By Rob Richie
In my 23 years at FairVote, I’ve seen my share of advances and setbacks. I’ve gone from years of working from home to having a staff of more than ten, then twice seen our budget boom and bust. We’ve played lynchpin roles to introduce ideas like universal voter registration, a constitutional right to vote and the National Popular Vote plan, but making progress often has felt like two steps forward, one back.
That’s been particularly true of our core work on ranked choice voting (RCV, “instant runoff voting”) in both its winner-take-all and proportional representation (PR) form. From 2002-2008, RCV won 14 of 17 times on the ballot, peaking in 2006 with victories in measures to implement RCV in Minneapolis (MN), Oakland (CA), and Pierce County (WA) along with an advisory measure in support of the PR form of RCV in Davis (CA). We then had three years of mostly defeats, including by seven votes in Aspen (CO), by 4% in Burlington (VT), and, when seeking to win the PR version, by 5% in Cincinnati.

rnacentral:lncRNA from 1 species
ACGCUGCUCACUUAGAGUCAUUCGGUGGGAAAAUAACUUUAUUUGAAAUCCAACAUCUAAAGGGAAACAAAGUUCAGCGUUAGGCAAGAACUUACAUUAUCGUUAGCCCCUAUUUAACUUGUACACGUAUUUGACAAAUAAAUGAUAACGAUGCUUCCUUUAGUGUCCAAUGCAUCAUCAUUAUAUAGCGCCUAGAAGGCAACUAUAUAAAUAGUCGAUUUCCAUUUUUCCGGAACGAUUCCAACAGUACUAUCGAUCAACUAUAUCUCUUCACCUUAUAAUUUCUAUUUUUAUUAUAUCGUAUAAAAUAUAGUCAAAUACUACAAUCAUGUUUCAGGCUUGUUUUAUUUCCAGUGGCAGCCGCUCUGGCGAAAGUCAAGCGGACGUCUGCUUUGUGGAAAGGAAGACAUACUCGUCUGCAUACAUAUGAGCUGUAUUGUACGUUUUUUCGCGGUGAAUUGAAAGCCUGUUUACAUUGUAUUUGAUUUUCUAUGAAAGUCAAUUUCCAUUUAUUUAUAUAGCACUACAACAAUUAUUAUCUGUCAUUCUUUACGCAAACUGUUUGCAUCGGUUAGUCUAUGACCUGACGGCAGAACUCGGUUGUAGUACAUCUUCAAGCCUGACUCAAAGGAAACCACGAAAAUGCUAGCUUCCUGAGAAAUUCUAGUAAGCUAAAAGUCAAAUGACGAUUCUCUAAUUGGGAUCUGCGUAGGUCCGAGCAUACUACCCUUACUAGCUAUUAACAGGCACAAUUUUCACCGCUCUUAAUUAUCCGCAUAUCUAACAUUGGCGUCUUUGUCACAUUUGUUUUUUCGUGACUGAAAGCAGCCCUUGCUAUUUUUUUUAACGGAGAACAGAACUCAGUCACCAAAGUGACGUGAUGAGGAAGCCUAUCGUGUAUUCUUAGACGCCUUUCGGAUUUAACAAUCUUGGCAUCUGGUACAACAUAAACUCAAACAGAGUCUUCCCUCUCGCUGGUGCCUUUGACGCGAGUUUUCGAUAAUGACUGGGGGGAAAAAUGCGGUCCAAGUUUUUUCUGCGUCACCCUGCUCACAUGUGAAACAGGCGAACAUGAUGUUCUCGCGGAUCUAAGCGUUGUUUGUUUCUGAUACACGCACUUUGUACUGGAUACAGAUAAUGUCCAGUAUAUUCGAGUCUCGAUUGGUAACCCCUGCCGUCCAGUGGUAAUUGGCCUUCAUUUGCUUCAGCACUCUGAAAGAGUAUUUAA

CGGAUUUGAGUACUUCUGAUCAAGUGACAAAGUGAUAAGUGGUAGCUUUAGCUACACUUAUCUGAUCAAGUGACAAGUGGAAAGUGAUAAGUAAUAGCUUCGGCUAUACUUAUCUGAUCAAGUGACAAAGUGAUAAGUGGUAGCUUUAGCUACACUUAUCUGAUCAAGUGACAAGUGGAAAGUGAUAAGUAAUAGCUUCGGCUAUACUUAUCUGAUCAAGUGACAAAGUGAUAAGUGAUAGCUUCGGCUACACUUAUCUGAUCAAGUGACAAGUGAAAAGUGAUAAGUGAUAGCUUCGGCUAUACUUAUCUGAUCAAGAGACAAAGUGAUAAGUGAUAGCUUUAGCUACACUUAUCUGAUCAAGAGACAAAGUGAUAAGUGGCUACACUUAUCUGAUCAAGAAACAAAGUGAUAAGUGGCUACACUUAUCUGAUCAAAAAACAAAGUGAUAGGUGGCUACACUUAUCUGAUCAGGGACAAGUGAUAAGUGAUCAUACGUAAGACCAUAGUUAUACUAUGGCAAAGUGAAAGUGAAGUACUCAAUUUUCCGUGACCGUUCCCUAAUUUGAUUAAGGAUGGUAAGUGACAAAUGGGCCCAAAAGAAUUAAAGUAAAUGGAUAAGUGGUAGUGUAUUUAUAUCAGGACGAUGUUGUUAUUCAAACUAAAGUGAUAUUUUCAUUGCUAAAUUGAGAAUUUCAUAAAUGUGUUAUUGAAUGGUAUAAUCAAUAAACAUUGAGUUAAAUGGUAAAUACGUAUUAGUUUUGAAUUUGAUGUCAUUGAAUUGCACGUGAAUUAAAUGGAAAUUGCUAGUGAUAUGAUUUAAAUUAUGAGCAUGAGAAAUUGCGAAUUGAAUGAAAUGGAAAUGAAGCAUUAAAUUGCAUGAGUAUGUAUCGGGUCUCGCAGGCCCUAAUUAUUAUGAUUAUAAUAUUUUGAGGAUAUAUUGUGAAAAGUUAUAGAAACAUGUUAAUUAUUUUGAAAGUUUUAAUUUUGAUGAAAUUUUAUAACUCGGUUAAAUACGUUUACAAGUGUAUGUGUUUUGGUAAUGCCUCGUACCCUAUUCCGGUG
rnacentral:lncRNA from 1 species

Greens know what it’s like, of course. Over these same years they’ve had their share of victories and defeats, times of elation and of frustration. Indeed, some have overlapped with ours at FairVote, as Green activists have played a key role in some of the most important campaigns for RCV. Throughout, the state of the world and our nation’s politics has provided a near-daily reminder of the urgent need for a politics where new voices can speak truth to power. Passively following the path of least resistance and the “lesser evil” is not an option in these complex times of war, ecological deterioration, inequality and economic uncertainty.